Roots Manuva- Awfully DE/EP

October 23rd, 2005

A while after the now classic ‘Run Come Save Me’ album was released, fans were treated to the great ‘Dub Come Save Me’ which impressively offered new Dub heavy versions of album tracks as well as some new material. A while after the release of album three ‘Awfully Deep’, Manuva again treats fans to some different takes of tracks as well as a new offering.

The new track ‘Seat Yourself’ is of the same sonic styles as all of Manuva’s more recent material. It’s of a fairly dark vibe with a really dirty bass line. There’s some very high pitched strings scattered throughout and an attempt to create an epically atmospheric effort which is let down by a quite average chorus which irriates after several play through’s.

The Lambeth Blues remix of ‘Awfully Deep’ is a live studio band version of the track, featuring piano played by Damon Albarn who invited Manuva to work on his recent Gorillaz project. It’s softer than the original in parts which is refreshing, as of late, listeners have only been able to hear Manuva on a particular trademark sound which he has been working in during this third stage of his career.

The ‘Lambeth Blues – Metronomy Remix’ of ‘Awfully Deep’ could easily be a demo version of the original song. It’s a little slower in pace and has sound effects and a drum pattern which is understated and the opposite of intense. The vocals have at points, undergone a treatment which some may love as examples of Manuva’s ‘craziness’ and which others will simply find unneccesary.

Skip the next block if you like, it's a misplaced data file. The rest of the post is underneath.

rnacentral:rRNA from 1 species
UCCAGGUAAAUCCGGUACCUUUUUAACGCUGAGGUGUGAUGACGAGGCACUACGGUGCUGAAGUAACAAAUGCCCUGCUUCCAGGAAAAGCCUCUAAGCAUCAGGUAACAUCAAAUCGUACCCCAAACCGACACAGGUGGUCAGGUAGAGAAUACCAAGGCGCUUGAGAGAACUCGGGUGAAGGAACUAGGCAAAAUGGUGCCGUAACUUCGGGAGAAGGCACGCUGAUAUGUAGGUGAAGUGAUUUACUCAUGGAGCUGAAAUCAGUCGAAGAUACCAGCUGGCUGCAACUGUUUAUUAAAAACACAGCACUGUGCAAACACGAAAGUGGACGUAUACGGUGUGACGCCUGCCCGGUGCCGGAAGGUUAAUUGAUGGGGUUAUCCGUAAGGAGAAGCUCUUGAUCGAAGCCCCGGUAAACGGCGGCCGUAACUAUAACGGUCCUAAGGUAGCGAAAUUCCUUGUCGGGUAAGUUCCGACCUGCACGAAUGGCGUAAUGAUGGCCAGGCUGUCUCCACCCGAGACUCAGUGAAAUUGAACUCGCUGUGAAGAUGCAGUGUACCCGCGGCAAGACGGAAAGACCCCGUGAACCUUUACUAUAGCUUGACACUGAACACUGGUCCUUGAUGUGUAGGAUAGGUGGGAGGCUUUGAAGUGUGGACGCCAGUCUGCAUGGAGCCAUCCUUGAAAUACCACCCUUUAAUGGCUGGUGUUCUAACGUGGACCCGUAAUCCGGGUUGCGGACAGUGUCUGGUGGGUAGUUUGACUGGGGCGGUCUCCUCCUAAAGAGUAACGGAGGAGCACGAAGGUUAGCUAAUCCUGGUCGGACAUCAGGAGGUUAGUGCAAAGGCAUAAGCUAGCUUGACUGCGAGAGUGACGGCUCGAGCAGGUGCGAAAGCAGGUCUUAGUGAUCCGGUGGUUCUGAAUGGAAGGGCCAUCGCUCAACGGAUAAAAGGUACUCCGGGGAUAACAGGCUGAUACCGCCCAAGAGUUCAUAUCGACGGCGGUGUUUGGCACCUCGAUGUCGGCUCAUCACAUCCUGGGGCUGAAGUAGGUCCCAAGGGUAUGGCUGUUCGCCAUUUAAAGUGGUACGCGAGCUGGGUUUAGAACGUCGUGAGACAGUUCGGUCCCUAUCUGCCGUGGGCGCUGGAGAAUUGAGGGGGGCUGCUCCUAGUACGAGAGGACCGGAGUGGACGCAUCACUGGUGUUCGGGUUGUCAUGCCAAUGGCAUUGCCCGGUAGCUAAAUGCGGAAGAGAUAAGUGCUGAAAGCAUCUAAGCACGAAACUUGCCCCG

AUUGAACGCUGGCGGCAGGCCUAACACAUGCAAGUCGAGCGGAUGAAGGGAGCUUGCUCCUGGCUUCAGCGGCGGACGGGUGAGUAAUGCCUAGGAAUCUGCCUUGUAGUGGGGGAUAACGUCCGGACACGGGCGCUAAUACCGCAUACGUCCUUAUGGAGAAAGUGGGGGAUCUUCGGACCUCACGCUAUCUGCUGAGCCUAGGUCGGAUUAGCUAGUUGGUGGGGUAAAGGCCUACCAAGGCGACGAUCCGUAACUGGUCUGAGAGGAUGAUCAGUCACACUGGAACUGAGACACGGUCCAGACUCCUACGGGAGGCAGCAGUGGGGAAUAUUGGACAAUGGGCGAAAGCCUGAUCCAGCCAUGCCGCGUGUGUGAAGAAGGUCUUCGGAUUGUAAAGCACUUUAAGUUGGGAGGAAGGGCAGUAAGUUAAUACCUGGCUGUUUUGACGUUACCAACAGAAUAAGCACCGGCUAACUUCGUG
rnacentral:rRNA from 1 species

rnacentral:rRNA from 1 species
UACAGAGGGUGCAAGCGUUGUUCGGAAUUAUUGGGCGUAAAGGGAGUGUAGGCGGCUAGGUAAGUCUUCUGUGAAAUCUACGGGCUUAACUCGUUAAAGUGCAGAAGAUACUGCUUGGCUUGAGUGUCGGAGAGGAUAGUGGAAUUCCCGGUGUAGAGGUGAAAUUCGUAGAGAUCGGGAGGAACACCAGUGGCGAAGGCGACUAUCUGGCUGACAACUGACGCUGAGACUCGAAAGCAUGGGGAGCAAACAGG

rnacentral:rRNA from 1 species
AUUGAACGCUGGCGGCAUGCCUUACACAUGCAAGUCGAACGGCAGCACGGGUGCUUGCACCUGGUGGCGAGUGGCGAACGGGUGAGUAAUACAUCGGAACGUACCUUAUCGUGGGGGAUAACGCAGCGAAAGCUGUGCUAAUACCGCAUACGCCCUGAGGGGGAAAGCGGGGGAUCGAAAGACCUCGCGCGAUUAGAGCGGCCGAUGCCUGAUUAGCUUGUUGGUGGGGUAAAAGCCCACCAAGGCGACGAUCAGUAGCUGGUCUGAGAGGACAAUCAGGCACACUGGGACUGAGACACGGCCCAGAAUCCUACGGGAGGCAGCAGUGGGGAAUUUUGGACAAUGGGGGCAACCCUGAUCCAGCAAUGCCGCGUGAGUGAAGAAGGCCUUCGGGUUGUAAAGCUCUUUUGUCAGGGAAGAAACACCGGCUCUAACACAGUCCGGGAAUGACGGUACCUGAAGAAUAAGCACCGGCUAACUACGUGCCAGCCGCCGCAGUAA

Fellow Big Dada Recordings artist Diplo, who has been doing production for the likes of Kano and M.I.A, as well as a remix for Gwen Stefani, remixes the new track ‘Seat Yourself’. It’s a half hearted version which for some time, feels like it’s going somewhere but ends up not going anywhere that special at all.

The EP ends with the original radio edit album version of the track, which shows that it was enjoyable and impressive enough not to require any remakes. This release as a whole is solid, however it would have been more entertaining to see a wider collection of remixes and perhaps a couple more totally new numbers. ‘Dub Come Save Me’ had a continual theme of representing a whole album in a new light. This is more a drawn out single release.

Die hard fans should pick this up to complete their Manuva collection, but less fanatical listeners should just stick with the new album and spend the money on any older material they’ve yet to pick up.